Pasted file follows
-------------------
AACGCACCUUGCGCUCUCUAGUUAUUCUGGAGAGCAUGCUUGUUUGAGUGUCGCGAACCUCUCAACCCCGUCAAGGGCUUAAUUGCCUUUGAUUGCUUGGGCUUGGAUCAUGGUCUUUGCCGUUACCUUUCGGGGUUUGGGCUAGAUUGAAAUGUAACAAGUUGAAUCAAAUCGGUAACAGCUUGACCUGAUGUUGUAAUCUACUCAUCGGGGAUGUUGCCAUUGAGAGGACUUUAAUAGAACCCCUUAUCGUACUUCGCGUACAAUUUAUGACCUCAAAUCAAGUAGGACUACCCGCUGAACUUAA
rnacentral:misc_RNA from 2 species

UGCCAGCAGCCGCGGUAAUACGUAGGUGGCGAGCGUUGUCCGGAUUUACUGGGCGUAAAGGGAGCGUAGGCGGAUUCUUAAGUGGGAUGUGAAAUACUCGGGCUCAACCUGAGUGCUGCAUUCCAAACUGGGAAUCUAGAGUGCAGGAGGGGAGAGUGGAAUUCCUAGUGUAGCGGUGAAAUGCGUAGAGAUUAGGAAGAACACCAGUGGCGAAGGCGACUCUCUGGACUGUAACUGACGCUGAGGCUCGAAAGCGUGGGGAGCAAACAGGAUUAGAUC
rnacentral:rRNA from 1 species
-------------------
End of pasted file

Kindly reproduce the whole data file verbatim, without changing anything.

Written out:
AACGCACCUUGCGCUCUCUAGUUAUUCUGGAGAGCAUGCUUGUUUGAGUGUCGCGAACCUCUCAACCCCGUCAAGGGCUUAAUUGCCUUUGAUUGCUUGGGCUUGGAUCAUGGUCUUUGCCGUUACCUUUCGGGGUUUGGGCUAGAUUGAAAUGUAACAAGUUGAAUCAAAUCGGUAACAGCUUGACCUGAUGUUGUAAUCUACUCAUCGGGGAUGUUGCCAUUGAGAGGACUUUAAUAGAACCCCUUAUCGUACUUCGCGUACAAUUUAUGACCUCAAAUCAAGUAGGACUACCCGCUGAACUUAA
rnacentral:misc_RNA from 2 species

UGCCAGCAGCCGCGGUAAUACGUAGGUGGCGAGCGUUGUCCGGAUUUACUGGGCGUAAAGGGAGCGUAGGCGGAUUCUUAAGUGGGAUGUGAAAUACUCGGGCUCAACCUGAGUGCUGCAUUCCAAACUGGGAAUCUAGAGUGCAGGAGGGGAGAGUGGAAUUCCUAGUGUAGCGGUGAAAUGCGUAGAGAUUAGGAAGAACACCAGUGGCGAAGGCGACUCUCUGGACUGUAACUGACGCUGAGGCUCGAAAGCGUGGGGAGCAAACAGGAUUAGAUC
rnacentral:rRNA from 1 species